Relationship Between Perceived Restorativeness and Restoration Experience

It is also important to evaluate the restorative quality of an environment in order to discuss psychological restorative benefits. In the current study, we hypothesized that perceived restorativeness is directly related to perceived restorative outcomes, as previously examined by Korpela et al. (15). Our data supports this hypothesis. Indeed, a majority of other studies also support it, particularly when demonstrating the role of perceived restorativeness in reducing stress disorders or mental fatigue (16, 24). Based on ART, in a restorative setting, there exist positive features that attract people, hold their attention, draw their thoughts away from external demands or afford them intended activities. These restorative properties are environmental conditions that induce a positive state in an individual's psychological system (60). The restoration experience happens through spending sufficient time in a green environment combined with an experience of its restorativeness qualities (39, 43). Four progressive levels of restoration experience in the green environment are “cleaning the head,” “recharging directed attention capacity,” “enhanced cognitive functioning” and “reflections on one's life.” The final level is the deepest and can be experienced through an increase in subjective vitality and self-confidence. This level requires repeated experiences of restorativeness in green environments (43). The existing research within the health-promoting effect of outdoor campus green spaces suggest that the campus restorativeness has potential (19, 20). Enhancing students' perceived restorativeness by restorative resources on campus can balance multidimensional stress and facilitate psychological restoration from prolonged mental efforts (19). The present findings within the area of university students' mental health development indicate that restoration experience in outdoor campus green space can be enhanced by perceived restorativeness characteristics.

Relationship Between PSD and Perceived Restorativeness

This study has established a significant relationship between PSD and perceived restorativeness, with PSD including values associated with how people experience and perceive landscape characteristics in green spaces such as calmness and observing several animal and bird species (28). Indeed, according to Grahn and Stigsdotter (28), the experience of green space, especially in relation with mental health support involves perceived sensory systems', for example how users of green spaces enjoy the views, sounds and smells of these environments. Our findings reinforce these observations. In landscape assessments, it is thus important to consider the qualities that people prefer over others when actively seeking a restorative environment (28).

Previously, Peschardt and Stigsdotter (27) used an expert on-site approach to assess park characteristics, in terms of representation of PSD qualities, and found its significant association with the park user's perceived restorativeness. However, Qiu and Nielsen (51) have questioned such approaches as they do not involve users' experience, ideas and feelings. In this paper we therefore tested- and confirmed–this relationship through subjective assessments of PSD. Consistent with previous studies (28, 51), the representation of PSD in green spaces should include people's experiences and sensory perceptions of landscape characteristics. The expert judgements are suitable, particularly for readily monitored attributes such as size, distance and habitat types (51). The self-assessment of PSD enables identification of such qualities that are popular and important in relation to recovery of stress and the support of mental health. Understanding how people actually experience and perceive the qualities of green spaces helps to improve knowledge on exactly which qualities satisfy restorativeness experiences (28, 29). In design and planning for mental health promotion within the area of campus settings, perception of outdoor campus landscapes are found to be crucial factors that contribute to the perception of campus restorativeness. These findings provide new insights into the perception of campus qualities for restoration and support the results of previous research regarding perceived qualities and campus restorativeness (23, 32).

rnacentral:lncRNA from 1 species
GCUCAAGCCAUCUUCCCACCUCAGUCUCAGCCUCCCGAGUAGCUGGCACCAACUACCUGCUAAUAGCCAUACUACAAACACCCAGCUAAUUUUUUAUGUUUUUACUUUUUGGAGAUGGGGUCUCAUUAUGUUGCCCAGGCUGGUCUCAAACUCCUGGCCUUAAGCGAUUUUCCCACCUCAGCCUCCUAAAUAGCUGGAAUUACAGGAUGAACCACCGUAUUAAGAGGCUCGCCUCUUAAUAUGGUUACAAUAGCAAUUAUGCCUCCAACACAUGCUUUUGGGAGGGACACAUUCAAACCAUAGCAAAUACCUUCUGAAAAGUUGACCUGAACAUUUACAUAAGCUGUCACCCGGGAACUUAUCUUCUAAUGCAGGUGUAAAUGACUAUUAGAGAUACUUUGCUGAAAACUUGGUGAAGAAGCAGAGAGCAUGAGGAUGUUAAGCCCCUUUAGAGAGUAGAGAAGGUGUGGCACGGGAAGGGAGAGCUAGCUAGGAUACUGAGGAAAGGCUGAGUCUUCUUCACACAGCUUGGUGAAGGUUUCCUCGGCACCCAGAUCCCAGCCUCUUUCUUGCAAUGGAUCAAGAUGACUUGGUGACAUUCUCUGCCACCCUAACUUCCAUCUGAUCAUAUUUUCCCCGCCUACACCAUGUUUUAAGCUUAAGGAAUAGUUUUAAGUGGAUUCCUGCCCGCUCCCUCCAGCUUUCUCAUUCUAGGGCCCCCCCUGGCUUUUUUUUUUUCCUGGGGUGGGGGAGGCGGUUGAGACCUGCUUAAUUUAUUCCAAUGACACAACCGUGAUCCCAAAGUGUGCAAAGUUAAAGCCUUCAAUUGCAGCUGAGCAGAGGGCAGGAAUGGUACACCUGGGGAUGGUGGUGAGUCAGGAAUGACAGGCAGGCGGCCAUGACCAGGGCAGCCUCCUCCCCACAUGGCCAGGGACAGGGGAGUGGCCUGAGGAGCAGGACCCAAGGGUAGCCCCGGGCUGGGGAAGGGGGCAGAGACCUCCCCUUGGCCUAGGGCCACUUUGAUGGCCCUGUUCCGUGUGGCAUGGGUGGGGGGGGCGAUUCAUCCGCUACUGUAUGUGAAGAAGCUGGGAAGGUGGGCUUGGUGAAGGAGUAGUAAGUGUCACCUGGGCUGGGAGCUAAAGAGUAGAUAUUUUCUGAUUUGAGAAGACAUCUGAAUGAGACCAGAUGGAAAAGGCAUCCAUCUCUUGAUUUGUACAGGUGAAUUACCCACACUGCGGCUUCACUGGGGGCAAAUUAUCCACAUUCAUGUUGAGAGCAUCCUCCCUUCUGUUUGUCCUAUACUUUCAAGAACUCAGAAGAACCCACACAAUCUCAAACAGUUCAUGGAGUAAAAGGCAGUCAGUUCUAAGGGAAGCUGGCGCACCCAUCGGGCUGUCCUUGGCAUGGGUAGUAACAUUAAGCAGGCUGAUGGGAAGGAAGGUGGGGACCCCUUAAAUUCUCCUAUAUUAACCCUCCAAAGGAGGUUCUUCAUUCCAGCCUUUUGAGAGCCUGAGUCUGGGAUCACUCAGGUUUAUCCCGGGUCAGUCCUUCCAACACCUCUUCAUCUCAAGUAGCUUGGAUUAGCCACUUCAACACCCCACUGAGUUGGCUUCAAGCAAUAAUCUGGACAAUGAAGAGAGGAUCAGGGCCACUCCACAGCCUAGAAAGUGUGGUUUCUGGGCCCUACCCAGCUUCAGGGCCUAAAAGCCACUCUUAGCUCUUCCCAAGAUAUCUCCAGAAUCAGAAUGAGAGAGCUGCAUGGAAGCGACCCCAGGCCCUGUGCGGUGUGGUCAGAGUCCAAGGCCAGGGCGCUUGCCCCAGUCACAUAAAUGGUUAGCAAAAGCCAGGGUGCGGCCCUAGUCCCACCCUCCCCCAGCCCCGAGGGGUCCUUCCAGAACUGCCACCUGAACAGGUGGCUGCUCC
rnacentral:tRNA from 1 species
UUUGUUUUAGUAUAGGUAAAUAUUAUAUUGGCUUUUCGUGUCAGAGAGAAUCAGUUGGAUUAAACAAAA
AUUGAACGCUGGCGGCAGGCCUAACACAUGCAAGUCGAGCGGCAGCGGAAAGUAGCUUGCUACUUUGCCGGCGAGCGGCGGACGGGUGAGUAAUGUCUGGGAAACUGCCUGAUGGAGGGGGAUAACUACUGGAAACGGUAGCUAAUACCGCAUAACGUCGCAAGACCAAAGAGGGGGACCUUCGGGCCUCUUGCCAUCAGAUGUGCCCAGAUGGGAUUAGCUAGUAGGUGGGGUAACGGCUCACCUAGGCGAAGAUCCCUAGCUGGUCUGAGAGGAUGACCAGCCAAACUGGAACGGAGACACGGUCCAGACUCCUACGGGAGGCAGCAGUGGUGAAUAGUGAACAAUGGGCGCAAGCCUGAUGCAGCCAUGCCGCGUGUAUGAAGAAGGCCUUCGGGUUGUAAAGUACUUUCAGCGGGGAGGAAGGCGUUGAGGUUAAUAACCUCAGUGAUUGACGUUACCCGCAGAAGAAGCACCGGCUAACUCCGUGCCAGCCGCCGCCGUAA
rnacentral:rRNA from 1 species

Mediation Effect of Perceived Restorativeness

In Marselle et al. (18) and Hipp et al. (32)'s meditational models, the perception of environmental qualities was presumed to cause perceived restorativeness. Conversely, perceived restorativeness was deemed to result in improved emotional well-being and quality of life. In this paper we have built on these studies, and established the same positive conclusion that perceived restorativeness provides restorative outcomes, and plays a mediation role in the relationship between PSD and restoration experience. While significant, perceived restorativeness was found only to be a partial mediator of the effect of PSD on restoration experience. This finding is similar to previous findings (32) that have found perceived restorativeness to partially mediate the relationship between perceived campus greenness and students' quality of life. Campus restorativeness supports students' psychological restoration and is related to their health measures on campus, concurring with findings of previous studies (19, 20, 32). The present findings indicate perceived restorativeness to be a mechanism that enables students to feel an inner balance, which in turn leads to a positive psychological restoration experience and provides an avenue for positive health measures through multi-sensory perception of campus landscapes qualities.